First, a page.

The Big Bend: U-Shaped Skyscraper Proposed for New York City

March 23, 2017

In a city full of skyscrapers, there’s only one way to make a fresh idea stand out. The Oiio Architecture Office looks to do just that with its Big Bend concept building. The upside down u-shaped renderings would make Big Bend the world’s longest continual building.

[Image source: Oiio Studio]

The Greek firm plans on making the building over 4,000ft long. This makes it ‘taller’ than other “supertalls,” or structures taller than 1,968 feet. For some comparison, the Burj Khalifa — the world’s tallest structure — stands at 2,722 ft. tall. However, the Big Bend effectively halves that length with its signature shape.

The building comes as a response to New York City zoning laws. The company said the Big Bend contributes to the trend of “superslenders” especially in Manhattan.

[Image source: Oiio Studio]

“But what if we substituted height with length? What if our buildings were long instead of tall?” the company wrote on its website. “If we manage to bend our structure instead of bending the zoning rules of New York we would be able to create one of the most prestigious buildings in Manhattan.”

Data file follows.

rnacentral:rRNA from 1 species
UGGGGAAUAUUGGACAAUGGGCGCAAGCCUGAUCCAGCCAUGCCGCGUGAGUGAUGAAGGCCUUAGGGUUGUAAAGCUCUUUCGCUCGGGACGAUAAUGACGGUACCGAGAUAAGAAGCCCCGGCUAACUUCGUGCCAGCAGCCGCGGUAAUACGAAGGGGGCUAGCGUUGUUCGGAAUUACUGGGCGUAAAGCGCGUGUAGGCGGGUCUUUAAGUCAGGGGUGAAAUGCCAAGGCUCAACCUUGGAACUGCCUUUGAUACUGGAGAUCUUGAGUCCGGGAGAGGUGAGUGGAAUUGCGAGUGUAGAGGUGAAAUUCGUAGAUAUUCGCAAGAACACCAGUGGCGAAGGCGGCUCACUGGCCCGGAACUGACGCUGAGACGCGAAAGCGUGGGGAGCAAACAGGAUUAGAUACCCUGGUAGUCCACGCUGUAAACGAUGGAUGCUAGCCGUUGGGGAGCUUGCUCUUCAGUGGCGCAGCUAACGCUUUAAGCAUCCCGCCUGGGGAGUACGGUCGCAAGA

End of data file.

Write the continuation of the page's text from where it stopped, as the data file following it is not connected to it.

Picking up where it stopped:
[Image source: Oiio Studio]

The building itself includes large windows even along the curvature. The legs of the U would straddle historic buildings. Initial drawings situate the Big Bend along 57th Street near Calvary Baptist Church, One57, and at the heart of Billionaire’s Row.

[Image source: Oiio Studio]

So how are residents supposed to travel in a building with such a bend? Oiio even calls it “the greatest challenge in elevator history,” but they believe they can make it a reality. The elevator would travel with the curvature of the building via a track changing system.

Even if the Big Bend never comes to fruition, Oiio will have certainly brought up a discussion regarding NYC zoning. The company uses architecture to make statements, as it did regarding NYC’s heritage and preservation laws. In 2013, Oiio proposed modernizing the Guggenheim Museum by adding 13 stories to the preexisting structure.

[Image source: Oiio Studio]

Native New Yorkers have commented on the story, largely calling the Big Bend an eyesore for looking onto Central Park. However, we wouldn’t mind seeing the building get created elsewhere in the city if only for the sake of sheer engineering that goes into making such an outlandish design a reality.

SEE ALSO: Dubai to Add the World’s First Rotating Skyscraper to its Skyline by 2020


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